Severe cold and fraternizing with the Mandan keep Meriwether Lewis’ doctoring in demand
As the harsh winter wore on, the men and women of the corps spent more and more time with their Mandan Indian neighbors. Relationships sprang up—with resulting complications. When originally published, notes Gary Moulton, editor of the Lewis and Clark journals, some entries were, "in the delicate fashion of the era...rendered...into Latin."
January 5, 1805 [Capt. William Clark]
A cold day Some Snow, Several Indians visit us with thier axes to get them mended, I imploy my Self drawing a [map] of the Countrey from what information I have recved— A Buffalow Dance (or Medison) for 3 nights passed in the 1st Village, a curious Custom the old men arrange themselves in a circle & after Smoke a pipe, which is handed them by a young man, Dress up for the purpose, the young men who have their wives back of the circle go to one of the old men with a whining tone and [request] the old man to take his wife (who presents necked except a robe) and—(or Sleep with him) the Girl then takes the Old man (who verry often can Scercely walk) and leades him to a Convenient place for the business, after which they return to the lodge, if the Old man (or a white man) returns to the lodge without gratifying the man & his wife, he offers her again and again.... (we Sent a man to this Medisan [dance] last night, they gave him 4 Girls) all this is to cause the buffalow to Come near So that They may kill thim.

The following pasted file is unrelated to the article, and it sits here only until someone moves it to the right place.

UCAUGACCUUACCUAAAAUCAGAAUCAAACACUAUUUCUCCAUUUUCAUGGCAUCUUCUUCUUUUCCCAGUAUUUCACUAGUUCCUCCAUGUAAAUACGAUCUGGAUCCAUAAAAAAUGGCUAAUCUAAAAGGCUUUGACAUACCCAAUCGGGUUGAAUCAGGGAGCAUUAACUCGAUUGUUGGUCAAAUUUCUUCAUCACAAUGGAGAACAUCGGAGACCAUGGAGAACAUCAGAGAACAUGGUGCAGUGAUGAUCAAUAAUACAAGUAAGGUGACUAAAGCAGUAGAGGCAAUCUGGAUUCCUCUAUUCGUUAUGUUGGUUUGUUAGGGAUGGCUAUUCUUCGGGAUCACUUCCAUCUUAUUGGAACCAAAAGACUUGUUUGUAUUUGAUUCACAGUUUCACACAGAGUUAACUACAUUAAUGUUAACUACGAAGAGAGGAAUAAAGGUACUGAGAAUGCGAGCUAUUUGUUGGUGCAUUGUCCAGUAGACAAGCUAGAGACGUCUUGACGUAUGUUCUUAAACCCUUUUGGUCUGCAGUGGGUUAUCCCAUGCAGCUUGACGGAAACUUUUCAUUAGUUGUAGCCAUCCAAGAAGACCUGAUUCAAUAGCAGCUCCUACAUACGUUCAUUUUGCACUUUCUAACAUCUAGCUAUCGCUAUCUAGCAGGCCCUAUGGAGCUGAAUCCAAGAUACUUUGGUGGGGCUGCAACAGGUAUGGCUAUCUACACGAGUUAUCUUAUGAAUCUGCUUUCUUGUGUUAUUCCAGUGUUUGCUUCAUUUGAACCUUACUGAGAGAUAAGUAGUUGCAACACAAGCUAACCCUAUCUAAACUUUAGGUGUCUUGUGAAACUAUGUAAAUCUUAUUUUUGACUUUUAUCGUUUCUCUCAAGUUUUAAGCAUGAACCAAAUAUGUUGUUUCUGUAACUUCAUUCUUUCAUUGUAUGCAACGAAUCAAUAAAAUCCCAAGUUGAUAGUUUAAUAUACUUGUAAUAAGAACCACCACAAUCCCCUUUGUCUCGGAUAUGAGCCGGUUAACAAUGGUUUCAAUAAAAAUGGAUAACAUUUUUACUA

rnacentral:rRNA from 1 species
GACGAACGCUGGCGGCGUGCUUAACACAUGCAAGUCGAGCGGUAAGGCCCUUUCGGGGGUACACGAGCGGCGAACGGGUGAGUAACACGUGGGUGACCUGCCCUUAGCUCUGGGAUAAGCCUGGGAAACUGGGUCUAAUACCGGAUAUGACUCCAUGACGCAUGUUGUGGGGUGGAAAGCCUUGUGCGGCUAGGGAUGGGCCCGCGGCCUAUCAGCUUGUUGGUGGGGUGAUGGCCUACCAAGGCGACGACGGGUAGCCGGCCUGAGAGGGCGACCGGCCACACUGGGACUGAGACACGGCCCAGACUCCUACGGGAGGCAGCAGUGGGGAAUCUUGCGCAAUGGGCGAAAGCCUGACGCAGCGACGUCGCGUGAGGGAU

January 13 [Sgt. Patrick Gass]
In the evening one of our interpreters and another Frenchman who had gone with him to the Assiniboins for fur returned. They had their faces so badly frost bitten that the skin came off; and their guide was so badly froze that they were obliged to leave him with the Assiniboins.
January 14 [Clark]
Several men with the Venereal cought from the Mandan women.
January 21 [Clark]
A fine day nothing remarkable one [man] verry bad with the [syphilis] pox.
January 26 [Gass]
We have a blacksmith with us, and a small set of blacksmith tools. The blacksmith makes war-axes, and other axes to cut wood; which are exchanged with the natives for corn, which is of great service to us as we could not bring much with us.
January 27 [Clark]
I Bleed the man with the Plurisy to day & Swet him, Capt Lewis took of the Toes of one foot of the Boy who got frost bit Some time ago.